The Ohio State University continues to encourage students, faculty and staff to take advantage of an array of safety learning opportunities.
In a new update to the university community, President Kristina M. Johnson said safety is a community issue that requires a holistic approach. One tool in that approach is the relaunched Community Police Academy. The program was paused last year due to the COVID-19 pandemic.
The academy is run by the Ohio State University Police Division (OSUPD) and is a four-week program designed to give community members a better idea of what it’s like to protect and serve on campus. It also offers university police valuable opportunities to learn first-hand about subjects and issues that matter to students, faculty and staff.
The program launched this week and runs each Wednesday through Nov. 10. There are a few spaces left and community members interested in joining the program can still sign up. It’s free and open to students, faculty and staff.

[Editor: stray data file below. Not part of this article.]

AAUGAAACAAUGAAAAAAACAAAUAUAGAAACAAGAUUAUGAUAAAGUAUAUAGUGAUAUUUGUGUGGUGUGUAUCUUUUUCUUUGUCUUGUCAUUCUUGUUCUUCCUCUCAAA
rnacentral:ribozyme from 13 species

OSUPD relaunched the popular Rape Aggression Defense (RAD) program. These three-hour self-defense classes are led by officers who are certified RAD instructors. The comprehensive, women-only course begins with awareness education, prevention, risk reduction and risk avoidance, and progresses to the basics of hands-on defense training.
Current RAD classes are booked – however, many of the techniques are demonstrated in the university’s Safety Spotlight Series. Half of the videos detail the self-defense tips taught in RAD, and the Stay Safe, Buckeyes safety class also has a section focused on self-defense lessons.
This weekend, students are urged to respect their neighbors and neighborhood. Those who attend or host a party are asked to keep their events under control, make sure it doesn’t get too loud and clean up their property when finished. If safety becomes an issue, people can ask the police for help. The university is reminding the community that property destruction is dangerous and illegal and will not be tolerated.